Board members of the Bristol Bay Regional Seafood Development Corp. have approved a diverse group of projects to fund for the coming year, ranging from fisheries research to ice barges and marketing.Among them, says Bob Waldrop, executive director of the BBRSDA, is a decision to again support the Port Moller test fishery, where biologists are trying to get more answers regarding stock diversification and abundance of the salmon migrating north from Port Moller north to Bristol Bay. The Bristol Bay Science and Research Institute, a research entity of the Bristol Bay Economic Development Corp., collects the sample fish and delivers them to the Alaska Department of Fish and Game’s genetics lab in Anchorage. The BBRSDA is supporting this research with a $55,000 grant, as well as the quality im...
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Pebble Issues

New issues continue to arise related to a proposed massive mining project at the headwaters of the Bristol Bay watershed in Southwest Alaska. A study prepared for The Nature Conservancy by prominent biologists with experience in the Bristol Bay watershed notes that there are wild salmon swimming in streams on the surface of the area where the prospect would be developed.According to one of the study authors, Carol Ann Woody, who has done years of research in Bristol Bay, the study, released in the past week, is the first to document that wild salmon are present in streams on top of the ore deposit. Woody, a fisheries research scientist based in Anchorage, co-authored the report with Sarah O’Neal, a biologist with the Wild Salmon Center of Portland, Oregon. The pair found salmon in three of...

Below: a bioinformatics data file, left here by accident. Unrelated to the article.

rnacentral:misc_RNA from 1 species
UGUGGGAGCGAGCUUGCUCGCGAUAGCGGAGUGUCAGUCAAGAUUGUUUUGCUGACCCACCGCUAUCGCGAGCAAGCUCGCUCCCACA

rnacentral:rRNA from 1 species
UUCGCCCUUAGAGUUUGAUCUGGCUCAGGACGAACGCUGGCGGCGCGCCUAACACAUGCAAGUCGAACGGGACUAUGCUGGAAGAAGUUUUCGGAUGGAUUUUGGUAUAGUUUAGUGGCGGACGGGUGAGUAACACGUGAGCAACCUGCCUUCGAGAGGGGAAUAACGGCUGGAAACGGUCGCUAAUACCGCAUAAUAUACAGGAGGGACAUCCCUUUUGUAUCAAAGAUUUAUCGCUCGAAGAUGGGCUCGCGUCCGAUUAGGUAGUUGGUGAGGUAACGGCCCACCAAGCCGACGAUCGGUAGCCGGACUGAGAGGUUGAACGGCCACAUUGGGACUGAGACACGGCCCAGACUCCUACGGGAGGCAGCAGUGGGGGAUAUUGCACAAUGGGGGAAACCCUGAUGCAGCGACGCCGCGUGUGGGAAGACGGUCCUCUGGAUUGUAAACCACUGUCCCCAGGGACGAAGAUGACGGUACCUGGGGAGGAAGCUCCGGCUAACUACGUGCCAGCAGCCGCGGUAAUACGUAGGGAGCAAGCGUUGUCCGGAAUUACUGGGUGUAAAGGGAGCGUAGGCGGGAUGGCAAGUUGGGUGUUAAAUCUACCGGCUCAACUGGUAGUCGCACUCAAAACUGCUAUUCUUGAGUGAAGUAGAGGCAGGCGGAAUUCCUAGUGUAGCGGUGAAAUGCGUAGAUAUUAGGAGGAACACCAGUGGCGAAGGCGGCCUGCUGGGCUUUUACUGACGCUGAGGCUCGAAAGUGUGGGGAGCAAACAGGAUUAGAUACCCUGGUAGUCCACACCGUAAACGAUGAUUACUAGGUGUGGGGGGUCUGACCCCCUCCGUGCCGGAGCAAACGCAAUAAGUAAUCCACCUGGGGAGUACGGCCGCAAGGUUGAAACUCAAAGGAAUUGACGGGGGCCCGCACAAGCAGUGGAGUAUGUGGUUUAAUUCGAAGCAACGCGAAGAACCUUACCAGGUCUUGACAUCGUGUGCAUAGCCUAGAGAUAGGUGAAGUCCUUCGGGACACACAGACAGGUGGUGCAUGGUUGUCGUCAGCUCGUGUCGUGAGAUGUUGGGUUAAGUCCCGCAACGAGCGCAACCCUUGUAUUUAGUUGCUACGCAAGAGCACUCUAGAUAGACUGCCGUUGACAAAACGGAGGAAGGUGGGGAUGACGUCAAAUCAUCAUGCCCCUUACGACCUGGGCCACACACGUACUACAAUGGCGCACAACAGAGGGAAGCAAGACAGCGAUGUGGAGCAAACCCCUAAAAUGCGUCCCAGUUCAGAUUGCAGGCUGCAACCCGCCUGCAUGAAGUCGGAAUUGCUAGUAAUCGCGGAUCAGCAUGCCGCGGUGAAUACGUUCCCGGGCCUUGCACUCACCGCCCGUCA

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AMSEA Adds Safety Classes for Commercial Fishermen

Commercial harvesters wanting to learn more about safety and survival at sea have a growing number of class options with the Alaska Marine Safety Education Association’s spring class guide. AMSEA has already held four classes for its drill conductor card at Dillingham, Anchorage, Homer and Galveston, Texas and this week added a two-day course in Dillingham June 2-3.The revised of the agenda includes classes in Cordova May 5 and May 7; Anchorage May 7, Craig May 8, Valdez May 12, Haines May 19, Sitka May 24 and Naknek June 9, 10, 11, plus Dillingham in June.The course will include instruction on fire fighting, life rafts, MAYDAYS, immersion suits and personal flotation devices, emergency drills, cold-water survival skills and emergency positioning. Some classes still have openings. To inqui...
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Crab Issues

Crab industry officials are presenting a crew workshop May 3 in Seattle to provide information on how crab vessel crewmembers can finance the purchase of quota share in that fishery. United Fishermen’s Marketing Association will facilitate Kodiak’s participation with a link to the Seattle meeting in Leif Erickson Hall from Fishermen’s Hall in Kodiak, while the Alaska Commercial Fishing and Agriculture Bank will offer a similar participation location in Anchorage. CFAB’s Lea Klingert noted that the tough part for crewmembers or anyone who hasn’t run their own operation is establishing their ability to repay such loans. CFAB looks primarily at the history of the borrower and notes that for people solely reliant on that quota share to repay the loan it would be hard to determine their repayme...